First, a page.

Couple diagnosed with cancer just weeks apart

2018-04-30 14:35
PHOTO: Facebook/Samantha Boatman

PHOTO: Facebook/Samantha Boatman

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This couple were preparing to welcome their second child in 2016 when they were given devastating news.

Sam Boatman, from Tyne and Wear in England, started experiencing severe stomach cramps that left her battling to breathe. She also began passing blood, reports Daily Telegraph.

“They were so sudden and sharp they took my breath away,” says Sam. “Then I started passing blood too.”

Although her symptoms were worrying, the teacher decided not to have a colonoscopy to avoid putting her baby at a risk, and because she was worried about her husband’s deteriorating health.

According to News.com, Martin Boatman (now 34) suffered from excruciating headaches which caused him to vomit, and started losing his ability to walk.

At first doctor’s thought he had a growth behind his eyes but later discovered he had seven tumours on his brain and was unlikely to live to see the birth of his daughter.

“When they put the camera down my throat to look for the tumour a floating sponge, the shape of a ball, loomed into view and I knew that was it,” says Martin.

“That was my cancer.”

But Martin was given more bad news when doctors revealed the cancer had spread to his lungs, kidneys, liver and bones, reports Mirror News.

The devastated dad started framing photos of himself for his children, and even recorded himself reading bedtime stories to his unborn baby.

But despite doctors’ diagnosis, Martin lived to see his beautiful baby girl Esme born on 12 November 2016.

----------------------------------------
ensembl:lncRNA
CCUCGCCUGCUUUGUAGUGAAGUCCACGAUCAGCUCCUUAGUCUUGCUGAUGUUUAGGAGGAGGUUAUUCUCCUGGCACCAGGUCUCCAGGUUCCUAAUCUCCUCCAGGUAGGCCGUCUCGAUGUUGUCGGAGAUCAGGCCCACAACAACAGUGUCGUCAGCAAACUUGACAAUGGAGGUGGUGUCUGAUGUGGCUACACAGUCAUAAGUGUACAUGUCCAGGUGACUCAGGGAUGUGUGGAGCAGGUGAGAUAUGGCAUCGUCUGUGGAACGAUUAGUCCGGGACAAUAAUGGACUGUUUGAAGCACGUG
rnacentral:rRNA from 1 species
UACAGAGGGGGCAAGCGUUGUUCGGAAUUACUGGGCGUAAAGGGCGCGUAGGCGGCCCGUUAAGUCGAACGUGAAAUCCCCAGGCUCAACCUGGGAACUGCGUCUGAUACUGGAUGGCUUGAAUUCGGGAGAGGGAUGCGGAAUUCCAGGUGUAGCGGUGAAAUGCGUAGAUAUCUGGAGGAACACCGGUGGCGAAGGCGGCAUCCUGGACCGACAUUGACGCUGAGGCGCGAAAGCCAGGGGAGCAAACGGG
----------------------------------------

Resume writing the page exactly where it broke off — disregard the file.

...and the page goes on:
The family were unfortunately dealt another blow just six weeks after Sam gave birth. The mom-of-two was diagnosed with fast-spreading stage T3 bowel cancer.  

“Martin was beside himself. The only thing keeping him going was the thought that if he died I’d still be here for our kids. I knew I had to fight for my life.

“I clung to the fact that on my notes my oncologist had written ‘curable’.”

The 32-year-old, who later discovered her cancer had spread to her lymph nodes, had surgery in February last year followed by chemotherapy to treat her aggressive cancer.

The mom is now winning her battle.

Although drugs have shrunk Martin’s brain tumours, his lung cancer is still incurable.

“One day his cancer will find a way to outsmart the drugs.

“He might have five good years or it might all go downhill tomorrow. We try not to live in a constant state of dread,” says Sam.

The couple, who met while studying teaching in 2008, have decided to donate funds to Cancer Research UK to make a difference for future generations.

“Every day I have with my family now is a day I thought I’d never see,” says Martin.

Sources: dailytelegraph.com.au, mirror.co.uk, news.com.au

Read more on:    cancer  |  birth  |  couple

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